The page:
Birds-eye view 1851

Birds-eye view 1851

Birds-eye view of New Orleans, 1851, by John Bachmann.

birds-eye view 1851

Click the image for hi-res copy

Birds-eye view 1851

“Birds’ eye view of New-Orleans / drawn from nature on stone by J. Bachman [i.e., Bachmann].” The Mississippi River stands in the foreground. The view looks north to Lake Pontchartrain. Below the title: “Published by the agents A. Guerber & Co., c1851 (Printed by J. Bachman [i.e., Bachmann]).”

The map features an incredible amount of detail. While the majority of the map focuses on the east bank of the river, scenes on the west bank are visible. Reply/comment with the details that stand out to you!

Bachmann’s maps

John Bachmann, Sr., was a lithographer from Switzerland. While most of his work features views of New York City, he made a number of lithographs in other cities. Students of the Southern Rebellion refer to his drawings regularly. Anticipating conflict, Bachmann traveled to a number of possible flashpoints. He sketched those scenes, then converted them to “aerial” views.

Creating a birds-eye view

The perspective of drawings like birds-eye view 1851 dates back centuries. The idea is, the artist surveys and sketches the scene from a ground-level perspective. They then “stretch” the scene in their imagination. The artist uses that mental image to “look down” on the scene. They review the original details, adjusting the perspective.

So, to draw those riverboats, Bachmann sketched them, most likely sitting on the west bank levee. He added them to the river on the birds-eye, adjusting the angle in his mind. The paralell riverboat now appears from above.

New Orleans detail

Several things stand out to me from this litho:

  • Riverboats. Bachmann captures a number of ocean-going ships as well as the classic riverboats that traveled up and down the Mississippi. The Port of New Orleans bustled in the late 1840s/early 1850s.
  • Old Canal. The Carondelet Canal runs on the Eastern side of the lithograph, merging with Bayou St. John. The bayou then extends to the lake. The left-right body of water visible where canal joins bayou is Bayou Metairie. The city closed the Carondelet Canal in the 1920s. Norman C. Francis Parkway comes to and end in what was the swampy ground joining the bayous.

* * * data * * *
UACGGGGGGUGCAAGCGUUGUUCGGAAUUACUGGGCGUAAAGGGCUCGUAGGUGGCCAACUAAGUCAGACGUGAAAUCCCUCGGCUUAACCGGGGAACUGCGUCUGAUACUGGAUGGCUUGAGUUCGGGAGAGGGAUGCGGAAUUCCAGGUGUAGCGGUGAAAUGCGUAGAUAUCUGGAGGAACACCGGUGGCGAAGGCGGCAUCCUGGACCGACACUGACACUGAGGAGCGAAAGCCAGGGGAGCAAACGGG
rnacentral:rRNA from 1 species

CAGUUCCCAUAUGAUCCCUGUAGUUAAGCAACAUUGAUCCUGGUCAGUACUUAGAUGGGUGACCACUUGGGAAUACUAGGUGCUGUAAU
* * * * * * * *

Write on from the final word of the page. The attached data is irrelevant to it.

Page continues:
We’ll return to this drawing again for more detail!

Unloading Coffee 1900

Unloading Coffee 1900

Unloading Coffee is the subject of a ca. 1900 postcard.

unloading coffee

Unloading Coffee

Longshoremen unloading coffee from a freighter at the Port of New Orleans. Detroit Publishing Company postcard, ca 1900-1909. From the 1890s to the 1970s, New Orleans received over 80% of coffee imports into the United States. Freighters traveled from ports in Colombia to the docks along the New Orleans riverfront. The city continues to play an important role in the coffee trade. You can still smell the roasting coffee from the Folger’s plant, along the Industrial Canal.

NOLA and the coffee trade

Aside from occasional disruptions due to tropical cyclones, New Orleans earned the nickname, “logical port” for goods originating in Latin America. This reference, dates back prior to the Southern Rebellion. So, that pre-dates the Panama Canal. Shipments Bananas and other produce from Central America and coffee from South America grew throughout the pre-rebellion period.

New Orleans established an extensive transportation infrastructure. Coffee growers delivered their product to ports in Colombia. Bags of coffee took ship, traveling across the Caribbean Sea and Gulf of Mexico. Ships unloading coffee in New Orleans turned around quickly. Once in New Orleans, coffee brokers bought the beans from the shippers. The brokers then sold the beans to coffee sellers. Those businesses bought the beans and created blends. They roasted, bagged, and sold those blends to consumers.

Coffee brokers

As the coffee trade grew, brokers lined Magazine Street. One of the most influential coffee brokers was Jacob Aron. Aron founded his company in 1898. They operated from 336 Magazine Street. So, that location is now the St. James Hotel.

Riverfront New Orleans

This postcard, taken between 1900 and 1909, shows the riverfront on the Uptown side of Canal Street. The Mississippi River curves around Algiers Point in the background. While this part of the riverfront thrived for decades, the Riverwalk Marketplace and Ernest N. Morial Convention Center now occupy this area.